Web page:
A car with a reconditioned title is usually one that has been in an accident or other serious incident that resulted in the car being classified as a total loss by an insurer. Some states call this a "salvage" title.Know More
Not all cars with a reconditioned title have been damaged, however. In some states, insurers classify recovered stolen cars as reconditioned if the owner has been compensated, whether the car is damaged or not. Additionally, many classic cars that have been extensively rebuilt have a reconditioned title.
In order for a car to get a reconditioned title, it must pass a safety inspection before it is road-legal. Most states also require dealers to disclose whether a used car they are selling is a reconditioned car.Learn more about Buying & Selling
Although the title is a key piece of legal documentation in the sale of a vehicle, it is possible to legally purchase a car without a title. However, anyone planning on buying a car without a title needs to conduct due diligence to ensure that the vehicle is not stolen and to acquire a replacement title upon purchase.Full Answer >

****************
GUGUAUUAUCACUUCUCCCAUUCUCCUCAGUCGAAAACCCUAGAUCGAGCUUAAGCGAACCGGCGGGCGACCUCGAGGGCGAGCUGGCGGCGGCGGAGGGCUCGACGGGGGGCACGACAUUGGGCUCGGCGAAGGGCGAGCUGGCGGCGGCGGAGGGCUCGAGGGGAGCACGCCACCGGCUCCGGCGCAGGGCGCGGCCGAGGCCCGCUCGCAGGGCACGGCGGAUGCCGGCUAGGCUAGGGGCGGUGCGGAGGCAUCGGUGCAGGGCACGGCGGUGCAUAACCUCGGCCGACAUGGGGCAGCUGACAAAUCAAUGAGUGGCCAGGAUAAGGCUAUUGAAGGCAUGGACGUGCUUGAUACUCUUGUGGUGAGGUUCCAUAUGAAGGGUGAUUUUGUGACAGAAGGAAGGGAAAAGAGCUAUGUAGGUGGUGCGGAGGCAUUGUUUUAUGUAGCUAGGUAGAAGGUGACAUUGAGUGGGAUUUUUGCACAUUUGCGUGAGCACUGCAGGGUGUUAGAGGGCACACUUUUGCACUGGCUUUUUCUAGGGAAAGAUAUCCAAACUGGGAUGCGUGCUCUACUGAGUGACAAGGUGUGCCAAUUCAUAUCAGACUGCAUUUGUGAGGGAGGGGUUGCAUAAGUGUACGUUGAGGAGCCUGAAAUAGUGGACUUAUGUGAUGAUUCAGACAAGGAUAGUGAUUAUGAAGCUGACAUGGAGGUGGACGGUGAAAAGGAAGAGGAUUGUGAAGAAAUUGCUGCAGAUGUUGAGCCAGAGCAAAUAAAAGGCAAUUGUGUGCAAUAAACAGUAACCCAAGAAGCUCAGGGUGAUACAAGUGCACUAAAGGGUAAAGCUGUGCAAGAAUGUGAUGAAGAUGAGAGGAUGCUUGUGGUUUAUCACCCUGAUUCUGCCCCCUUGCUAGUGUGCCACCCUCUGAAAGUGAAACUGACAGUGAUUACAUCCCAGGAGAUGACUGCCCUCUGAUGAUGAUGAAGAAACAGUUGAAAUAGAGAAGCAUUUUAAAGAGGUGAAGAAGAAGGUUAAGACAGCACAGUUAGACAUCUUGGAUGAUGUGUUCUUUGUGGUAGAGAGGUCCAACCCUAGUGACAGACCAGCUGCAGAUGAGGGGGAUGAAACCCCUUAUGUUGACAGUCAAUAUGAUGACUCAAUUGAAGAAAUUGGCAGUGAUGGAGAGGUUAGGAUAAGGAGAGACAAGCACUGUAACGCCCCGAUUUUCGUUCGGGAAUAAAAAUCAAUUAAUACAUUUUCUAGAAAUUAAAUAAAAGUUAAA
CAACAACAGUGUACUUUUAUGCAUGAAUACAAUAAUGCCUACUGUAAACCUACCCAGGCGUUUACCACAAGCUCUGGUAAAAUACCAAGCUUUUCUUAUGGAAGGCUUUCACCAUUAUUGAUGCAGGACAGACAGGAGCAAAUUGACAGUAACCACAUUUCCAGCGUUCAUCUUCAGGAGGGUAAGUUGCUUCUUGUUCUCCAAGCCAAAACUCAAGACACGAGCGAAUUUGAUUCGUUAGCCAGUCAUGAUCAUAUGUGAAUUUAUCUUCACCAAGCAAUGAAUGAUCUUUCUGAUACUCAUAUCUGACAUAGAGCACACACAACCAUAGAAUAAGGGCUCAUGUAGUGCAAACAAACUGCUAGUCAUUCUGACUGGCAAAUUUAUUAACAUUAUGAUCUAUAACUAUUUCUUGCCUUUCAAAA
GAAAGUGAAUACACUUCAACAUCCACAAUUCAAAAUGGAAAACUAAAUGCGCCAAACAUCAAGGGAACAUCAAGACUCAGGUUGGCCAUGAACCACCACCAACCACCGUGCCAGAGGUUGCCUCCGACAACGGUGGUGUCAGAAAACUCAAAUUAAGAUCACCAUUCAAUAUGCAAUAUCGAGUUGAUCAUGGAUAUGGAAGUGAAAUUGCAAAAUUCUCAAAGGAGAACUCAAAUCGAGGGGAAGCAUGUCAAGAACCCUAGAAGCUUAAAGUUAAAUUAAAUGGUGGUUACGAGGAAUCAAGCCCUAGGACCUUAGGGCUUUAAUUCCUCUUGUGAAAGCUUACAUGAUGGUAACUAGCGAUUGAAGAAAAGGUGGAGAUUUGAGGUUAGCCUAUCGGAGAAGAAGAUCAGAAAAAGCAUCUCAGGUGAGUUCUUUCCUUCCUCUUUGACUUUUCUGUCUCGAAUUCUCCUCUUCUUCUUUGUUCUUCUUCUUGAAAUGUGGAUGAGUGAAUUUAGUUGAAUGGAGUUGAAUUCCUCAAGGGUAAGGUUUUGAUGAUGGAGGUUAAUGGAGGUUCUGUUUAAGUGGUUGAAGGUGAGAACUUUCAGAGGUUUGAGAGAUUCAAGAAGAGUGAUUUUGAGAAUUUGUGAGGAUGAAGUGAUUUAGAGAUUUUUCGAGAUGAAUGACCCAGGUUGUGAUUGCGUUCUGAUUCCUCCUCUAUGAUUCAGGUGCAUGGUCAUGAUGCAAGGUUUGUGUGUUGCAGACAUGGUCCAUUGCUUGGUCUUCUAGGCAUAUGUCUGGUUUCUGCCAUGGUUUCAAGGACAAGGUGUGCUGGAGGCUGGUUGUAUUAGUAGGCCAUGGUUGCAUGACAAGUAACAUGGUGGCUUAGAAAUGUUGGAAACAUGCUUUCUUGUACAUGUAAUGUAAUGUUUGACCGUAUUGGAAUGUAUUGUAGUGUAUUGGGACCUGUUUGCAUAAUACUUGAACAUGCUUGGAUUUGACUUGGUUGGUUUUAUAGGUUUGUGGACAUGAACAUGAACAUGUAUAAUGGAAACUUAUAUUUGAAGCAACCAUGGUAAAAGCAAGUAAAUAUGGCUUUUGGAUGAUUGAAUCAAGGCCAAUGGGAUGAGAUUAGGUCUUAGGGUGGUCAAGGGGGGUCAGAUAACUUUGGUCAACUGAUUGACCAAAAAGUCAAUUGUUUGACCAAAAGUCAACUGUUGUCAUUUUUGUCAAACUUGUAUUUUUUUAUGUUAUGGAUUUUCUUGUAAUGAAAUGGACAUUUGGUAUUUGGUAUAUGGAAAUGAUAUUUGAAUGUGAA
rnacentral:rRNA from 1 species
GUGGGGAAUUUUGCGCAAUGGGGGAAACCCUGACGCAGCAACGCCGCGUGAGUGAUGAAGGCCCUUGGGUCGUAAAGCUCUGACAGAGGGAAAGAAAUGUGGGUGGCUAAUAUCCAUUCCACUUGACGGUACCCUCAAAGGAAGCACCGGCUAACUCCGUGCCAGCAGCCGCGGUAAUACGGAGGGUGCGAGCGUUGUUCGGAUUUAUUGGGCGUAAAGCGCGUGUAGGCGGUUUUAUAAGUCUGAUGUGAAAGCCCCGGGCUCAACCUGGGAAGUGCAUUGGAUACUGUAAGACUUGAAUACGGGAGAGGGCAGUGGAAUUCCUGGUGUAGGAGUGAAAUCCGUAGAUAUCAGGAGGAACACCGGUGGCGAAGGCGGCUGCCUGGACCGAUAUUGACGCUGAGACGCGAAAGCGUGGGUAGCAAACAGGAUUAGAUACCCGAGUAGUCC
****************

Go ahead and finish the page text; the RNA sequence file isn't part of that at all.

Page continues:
Selling a car without a title is illegal in most states as of 2015 and not considered a safe transaction. A title is used to show ownership of a vehicle, and vehicles without a title may indicate a problem with ownership, such as a loan taken on the vehicle.Full Answer >
A car can be purchased by someone who does not have a driver's license, and its title can be transferred to that person. However, some states may require the individual to have a license in order to register the car.Full Answer >
A salvage auction sells vehicles that have been deemed a total loss by their insurance company. Because the vehicle is considered a total loss, its value is exponentially less than its present-day market. Salvage auctions act as a venue to buy and sell these types of automobiles.Full Answer >